When it came time to introduce our children to international family travel, we set our sights on Montreal for two reasons. First, my husband was going there on business anyway. Second, it is only a 5-hour drive from our home in New York. We found this small, bilingual city in the Canadian province of Québec to be an ideal and engaging destination for our two kids, ages 10 and 3. Our visit was the perfect combination of fun and cultural immersion. No matter what your child’s interest, there’s an attraction they will find très magnifique!
Thrill Seekers in Montreal
The Montréal Tower in Olympic Park, built for the 1976 Summer Olympic Games, is the world’s tallest inclined tower. The fun part of this attraction is the ride in the funicular cabin, which paces up, up, up at a 45-degree angle to an elevation of 574 feet. At the top, you enjoy a spectacular panoramic view of the city from windows facing different directions. On a clear day, you can see the Laurentian Mountains. If there are sports fans in your family, take a guided tour of the Olympic Stadium next door.
If your crew prefers the thrills only a 175-foot high roller coaster can offer, head over to La Ronde amusement park — part of the Six Flags family — and ride the Goliath, or any of the other 40 rides and attractions available at this seasonal theme park.
Outdoor Adventures in Montreal
I had my doubts that the kids would be jazzed about the Montréal Botanical Garden, with nothing remotely virtual, electronic, or 4-D to offer. We all enjoyed it though, mainly because we didn’t try to push our luck to see all 180 acres, 10 exhibition greenhouses and 30 outdoor gardens. The Insectarium sits on the grounds, offering an up-close look at 160,000 insects, an art farm, bee hives and other vivariums. Outside the Insectarium is an “entomological discover space,” which was a huge playground with funky equipment and interactive educational displays.
The Insectarium is just a small part of the expansive gardens, so hop aboard the free tram to the outdoor cafe for lunch, then meander through the Tree House, the Alpine Garden to see the waterfall, and the Chinese Garden, complete with opulent walk-through pagoda.
Nearly 30 minutes of our visit to the Montréal Science Centre was spent at a hydropower exhibit, trying to construct a waterway with a current strong enough to generate electricity to power a city. If that sounds like something your kids would also enjoy, set them loose in this modern, two-story facility. There are plenty of interactive exhibits and educational activities with a scientific and technological flavor, including an IMAX theater. A temporary exhibit, “Indiana Jones and the Adventure of Archaeology,” will be featured this summer.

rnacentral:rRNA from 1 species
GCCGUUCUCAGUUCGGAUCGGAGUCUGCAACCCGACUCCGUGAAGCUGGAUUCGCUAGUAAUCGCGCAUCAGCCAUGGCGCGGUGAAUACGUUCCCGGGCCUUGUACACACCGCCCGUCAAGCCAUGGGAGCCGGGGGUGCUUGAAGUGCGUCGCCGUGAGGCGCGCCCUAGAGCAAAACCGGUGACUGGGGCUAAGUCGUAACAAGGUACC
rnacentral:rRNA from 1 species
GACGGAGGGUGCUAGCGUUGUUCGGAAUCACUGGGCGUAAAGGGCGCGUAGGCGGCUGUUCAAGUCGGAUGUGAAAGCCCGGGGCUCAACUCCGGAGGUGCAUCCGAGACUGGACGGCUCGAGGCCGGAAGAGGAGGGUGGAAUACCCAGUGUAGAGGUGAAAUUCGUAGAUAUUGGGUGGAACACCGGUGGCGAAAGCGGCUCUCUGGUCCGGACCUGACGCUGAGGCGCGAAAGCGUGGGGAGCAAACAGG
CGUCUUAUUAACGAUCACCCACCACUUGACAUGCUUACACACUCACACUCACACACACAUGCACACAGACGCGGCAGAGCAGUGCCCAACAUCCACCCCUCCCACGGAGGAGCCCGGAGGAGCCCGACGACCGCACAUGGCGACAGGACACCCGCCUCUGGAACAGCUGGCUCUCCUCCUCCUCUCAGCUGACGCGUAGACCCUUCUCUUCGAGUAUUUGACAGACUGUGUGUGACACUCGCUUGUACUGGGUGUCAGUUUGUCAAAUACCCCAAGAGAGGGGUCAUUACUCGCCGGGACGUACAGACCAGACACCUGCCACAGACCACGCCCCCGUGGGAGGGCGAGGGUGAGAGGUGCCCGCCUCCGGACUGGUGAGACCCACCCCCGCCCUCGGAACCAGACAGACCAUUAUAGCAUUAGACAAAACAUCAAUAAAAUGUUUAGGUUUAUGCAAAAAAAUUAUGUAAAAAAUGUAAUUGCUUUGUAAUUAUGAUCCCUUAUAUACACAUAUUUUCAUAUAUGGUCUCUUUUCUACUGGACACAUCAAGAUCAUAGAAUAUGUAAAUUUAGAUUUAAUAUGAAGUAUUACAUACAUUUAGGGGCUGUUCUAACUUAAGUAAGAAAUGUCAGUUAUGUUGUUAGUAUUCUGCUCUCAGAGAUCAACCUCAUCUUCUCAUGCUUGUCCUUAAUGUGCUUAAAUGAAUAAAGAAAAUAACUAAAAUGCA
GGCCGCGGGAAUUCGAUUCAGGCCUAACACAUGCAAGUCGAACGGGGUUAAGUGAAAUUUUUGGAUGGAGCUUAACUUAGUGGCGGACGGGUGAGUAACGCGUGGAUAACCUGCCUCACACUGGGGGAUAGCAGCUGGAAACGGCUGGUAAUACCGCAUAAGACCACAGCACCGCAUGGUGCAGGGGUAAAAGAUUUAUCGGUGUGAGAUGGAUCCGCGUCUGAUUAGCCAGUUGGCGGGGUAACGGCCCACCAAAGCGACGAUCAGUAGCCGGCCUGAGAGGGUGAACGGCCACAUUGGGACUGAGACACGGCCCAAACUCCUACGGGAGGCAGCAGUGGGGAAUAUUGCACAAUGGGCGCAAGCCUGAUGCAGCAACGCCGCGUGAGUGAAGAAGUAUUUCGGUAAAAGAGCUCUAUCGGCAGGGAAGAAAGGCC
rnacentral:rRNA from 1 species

The Biodôme is another popular science-related attraction. Although it was closed during our visit, this expansive nature museum features a number of ecosystems from the Americas, each with its own climate and physical environment. The Planétarium de Montreal is another entertaining option, with shows offered in English and French. Although the current downtown facility is dated, a new planetarium is to be built near the Biodôme.
Montreal for Mom and Dad
The Science Centre sits on King Edward Pier, on the periphery of The Quays of the Old Port of Montréal, so park in its lot for the most convenient access to this area. The Quays, a 2.5-km-long recreational and tourist park along the St. Lawrence River, offers ice skating in the winter, and river cruises and remote-controlled sailboats in the summer.
Walking the historic dining and shopping district is an enjoyable cultural experience best suited for older kids. However, we did have a delightful French-inspired lunch in the outdoor courtyard at Jardin Nelson, and we were directed to Les Delices d’erable (“maple delights”) for the city’s “best” crème glacée (ice cream). It was truly delicious, and sweetened with organic maple syrup.
It’s not necessary to spend a lot of money entertaining the troops in Montréal. Our kids just loved riding “Le Metro” from place to place. As public transportation goes, this underground subway system is clean, convenient, reliable, and easy to navigate even if you don’t speak French. Sixteen stations tie in to the RÉSO Underground Pedestrian Network – a subterranean, weather-proof environment connecting 22 miles of malls and shops, hotels, restaurants, universities, the train station and the hockey stadium. Within Place Montreal Trust, one of the shopping centers, the Indigo bookstore has an extensive children’s section on the top floor.
Traci L. Suppa is a road trippin’ mom. She drags her small-town family to see a quirky array of the “world’s largest” attractions. Follow her on Twitter at @GoBIG_GoHome.